Common is more like English in how it compounds words so in Common it would be foot + ball instead of ball + foot, so I decided it was best to do the two components separately and then recombine them.

I actually have a chart showing the genetic relationships between Hadysh and some of the other languages back to a language called “Proto Piylo-Tundric” which is the mother of many of the northern languages on the continent Sun-King and others take place on. Whole branches of these languages are extinct so I need to go up six steps and then down five.

Now, not every step is distinct, but it helped think about how the languages worked and this whole thing would come in handy later. Also, the question, why not Sterian for the language if that’s where the sport is most ubiquitous? Common is more of a prestige language and while the Union is not nearly as big as it once was, there are far more Common-speaking nations than Sterian or Hadysh combined.

So, “ball”…

Hadysh to Old Hadysh: /dðaç/ ➝ /ðʲaç/. The decision here was that consonants at the start of stressed syllables underwent sound changes akin to Gaelic/Russian where they could be palatalized before open vowels, unchanged before mid vowels, and labialized before close vowels. /a/ is back, so /ð/ becomes /ðʲ/. The implication here is that as Old Hadysh turned into Middle and then Modern Hadysh, this palatalized phoneme became it’s own sound /dð/ unrelated to /ð/.

Speeding up: /ðʲaç/ ➝ /dʲæç/ ➝ /ˈdʲæk.əl/ ➝ /dəˈkʲʌl/ gets us as far back as it needs to go, back to Old Piylean. Now it needs to move forward through time:

/dəˈkʲʌl/ ➝ /dəˈkʌl/ ➝ /dᵊˈkʌl/ ➝ /gʌl/ ➝ /gɔl/

And “foot” from Hadysh to Old Piylean:

/bɔd/ ➝ /bʲɔd/ ➝ /bʲɑd/ ➝ /bʲɑt/

And now from Old Piylean to Modern Common:

/bʲɑt/ ➝ /pɑt/ ➝ /pat/ ➝ /paθ/

You’ll notice that the word for “foot” has been significantly more conservative than the word for “ball”. This is because a foot is more significant to ancient peoples than a ball. So the word is preserved better. When you look at the ancient word for “ball”, it had two syllables. As it moves toward the present it drops to one with the Hadysh branch keeping the first syllable /də/ (which in its first step away from Old Piylean becomes stressed to /dʲæ/) and the Common branch keeping the stressed /kʲʌl/. The words /dðaç/ and /gɔl/ have nothing in common, but are related none the less.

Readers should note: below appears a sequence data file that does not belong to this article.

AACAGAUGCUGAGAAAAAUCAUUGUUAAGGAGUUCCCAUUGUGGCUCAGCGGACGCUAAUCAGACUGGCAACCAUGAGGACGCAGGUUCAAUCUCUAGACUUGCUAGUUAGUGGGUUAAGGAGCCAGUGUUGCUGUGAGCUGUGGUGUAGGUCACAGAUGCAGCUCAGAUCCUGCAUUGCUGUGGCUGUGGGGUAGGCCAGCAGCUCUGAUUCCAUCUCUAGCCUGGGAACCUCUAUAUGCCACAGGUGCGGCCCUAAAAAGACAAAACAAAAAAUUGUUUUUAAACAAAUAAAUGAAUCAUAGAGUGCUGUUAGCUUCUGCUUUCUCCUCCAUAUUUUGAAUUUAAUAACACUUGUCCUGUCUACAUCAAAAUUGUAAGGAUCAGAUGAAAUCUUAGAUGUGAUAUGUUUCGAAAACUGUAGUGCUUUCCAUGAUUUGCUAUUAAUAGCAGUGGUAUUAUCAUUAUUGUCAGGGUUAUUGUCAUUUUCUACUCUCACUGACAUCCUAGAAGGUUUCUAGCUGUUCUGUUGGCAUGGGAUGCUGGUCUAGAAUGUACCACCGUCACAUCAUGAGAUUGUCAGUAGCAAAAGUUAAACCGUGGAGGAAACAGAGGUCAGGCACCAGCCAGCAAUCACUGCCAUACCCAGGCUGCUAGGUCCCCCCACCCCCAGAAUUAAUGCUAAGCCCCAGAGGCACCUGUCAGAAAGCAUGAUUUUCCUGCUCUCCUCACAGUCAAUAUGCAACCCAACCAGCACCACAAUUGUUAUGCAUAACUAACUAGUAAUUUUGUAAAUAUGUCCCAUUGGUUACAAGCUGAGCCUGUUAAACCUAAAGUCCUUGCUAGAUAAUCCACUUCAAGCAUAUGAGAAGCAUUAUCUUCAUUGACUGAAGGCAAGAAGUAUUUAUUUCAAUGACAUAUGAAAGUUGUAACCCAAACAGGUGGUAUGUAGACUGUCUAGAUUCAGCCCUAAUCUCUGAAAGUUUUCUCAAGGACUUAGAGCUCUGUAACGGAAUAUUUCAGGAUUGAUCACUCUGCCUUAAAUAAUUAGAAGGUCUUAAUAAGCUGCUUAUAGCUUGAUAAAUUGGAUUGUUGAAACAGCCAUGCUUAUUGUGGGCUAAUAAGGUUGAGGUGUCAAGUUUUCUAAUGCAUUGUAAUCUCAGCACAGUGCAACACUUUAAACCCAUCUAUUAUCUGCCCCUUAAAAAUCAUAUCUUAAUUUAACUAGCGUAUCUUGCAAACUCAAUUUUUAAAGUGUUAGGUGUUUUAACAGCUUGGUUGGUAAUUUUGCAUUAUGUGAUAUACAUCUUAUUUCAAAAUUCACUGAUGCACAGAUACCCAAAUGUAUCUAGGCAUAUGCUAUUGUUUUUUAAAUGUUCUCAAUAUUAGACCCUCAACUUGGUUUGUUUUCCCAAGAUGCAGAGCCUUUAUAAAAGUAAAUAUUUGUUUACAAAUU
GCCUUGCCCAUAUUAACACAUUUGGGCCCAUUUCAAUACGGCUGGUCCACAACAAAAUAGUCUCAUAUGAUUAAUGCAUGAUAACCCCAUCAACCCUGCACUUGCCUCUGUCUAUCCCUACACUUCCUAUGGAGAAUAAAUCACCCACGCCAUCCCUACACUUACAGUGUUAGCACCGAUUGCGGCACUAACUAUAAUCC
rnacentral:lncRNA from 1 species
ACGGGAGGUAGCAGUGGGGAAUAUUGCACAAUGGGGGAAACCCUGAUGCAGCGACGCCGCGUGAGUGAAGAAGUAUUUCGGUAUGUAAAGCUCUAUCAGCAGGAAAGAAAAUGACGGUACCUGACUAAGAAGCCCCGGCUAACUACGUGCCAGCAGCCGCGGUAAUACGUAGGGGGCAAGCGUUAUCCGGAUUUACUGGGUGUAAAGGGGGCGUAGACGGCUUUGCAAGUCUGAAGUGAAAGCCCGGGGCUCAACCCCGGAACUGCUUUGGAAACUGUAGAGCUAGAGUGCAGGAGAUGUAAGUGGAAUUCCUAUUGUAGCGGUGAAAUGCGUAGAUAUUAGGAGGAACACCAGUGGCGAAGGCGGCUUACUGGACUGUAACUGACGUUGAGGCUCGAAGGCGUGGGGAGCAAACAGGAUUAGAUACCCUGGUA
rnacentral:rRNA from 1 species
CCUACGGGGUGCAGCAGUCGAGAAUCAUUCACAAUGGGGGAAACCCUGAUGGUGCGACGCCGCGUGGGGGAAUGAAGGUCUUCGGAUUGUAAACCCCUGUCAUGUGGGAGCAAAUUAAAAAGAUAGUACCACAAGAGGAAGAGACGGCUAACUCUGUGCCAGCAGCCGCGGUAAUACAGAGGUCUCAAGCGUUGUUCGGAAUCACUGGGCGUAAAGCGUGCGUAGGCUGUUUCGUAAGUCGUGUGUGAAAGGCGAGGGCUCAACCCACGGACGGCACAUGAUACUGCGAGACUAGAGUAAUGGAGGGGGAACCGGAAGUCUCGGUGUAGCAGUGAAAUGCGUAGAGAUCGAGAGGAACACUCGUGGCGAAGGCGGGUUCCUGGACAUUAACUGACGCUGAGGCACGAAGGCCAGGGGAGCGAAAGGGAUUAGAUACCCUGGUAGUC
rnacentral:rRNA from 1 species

So the Common word for “football” is /ˈpaθ.gɔl/.

So now I can come up with the acronym for the Hadysh Football Federation: YB̌P for Ya̋f B̌olgē Paþgold.

I will remind you, this entire exercise was for one of those three letters.

So now I can finish… making…

Fuck, Hadysh doesn’t use the Latin alphabet except when I write on the internet. In the fantasy world it would use it’s native alphabet. Luckily I have that alphabet, I just don’t have it digitized. So hang on.

There YB̌P at the top and Volgamfyə at the bottom. The crest is done.

Now I can put together that soccer kit.

There, that wasn’t so hard, was it?

That said, the longest parts were the image manipulations. Even though the linguistics takes up the lion’s share here, I played around with the vectors and the images far longer than I spent making up words. There was also a lot of background stuff with the linguistics, like filling in my dictionary with the new words and their declinations, which is important only to me.

Now will I make a crest for their dreaded rivals, the Sunrays out of Rannot?

 

Probably not.

No.

Cheers, everyone.

Bbvvggvgvgv

So over the last two decades I’ve had to come to the slow realization that not everything might be right in my head. I am guessing those of you who exist outside of my brain have had an easier, less painful time coming to that conclusion.

There’s a particular tick in my brain that makes a lot of things hard on me, namely the inability or dogged unwillingness to divide the rhetorical from the literal.

When presented a question, conundrum, or thought experiment – even when I know it’s rhetorical, when no answer is needed or even desired – I am compelled to answer it. Compelled. As in it often mentally hurts to not answer it, so often times I just answer it because it is easier.

Easy for them to ignore.

Easier for me to then leave it in the past.

It’s not necessarily something I want to do, but I do enjoy it in that way that one enjoys indulging a crave or an addiction.  Sometimes it very much is something I want to do, want to dive into, want to think about, because it satisfies my need to think creatively and to solve problems, no matter how ridiculous.

Here’s an example.

How does one pronounce “Bbvvggvgvgv”?

Well, there’s lots of ways to deal with this. I’ve talked about conlanging quite a bit on this site so you know we have countless options on what we can do.

We can, of course, read it off like a terrible acronym. Bee-bee-vee-vee-gee-gee-vee-gee-vee-gee-vee [bi.bi.vi.vi.gi.gi.vi.gi.vi.gi.vi].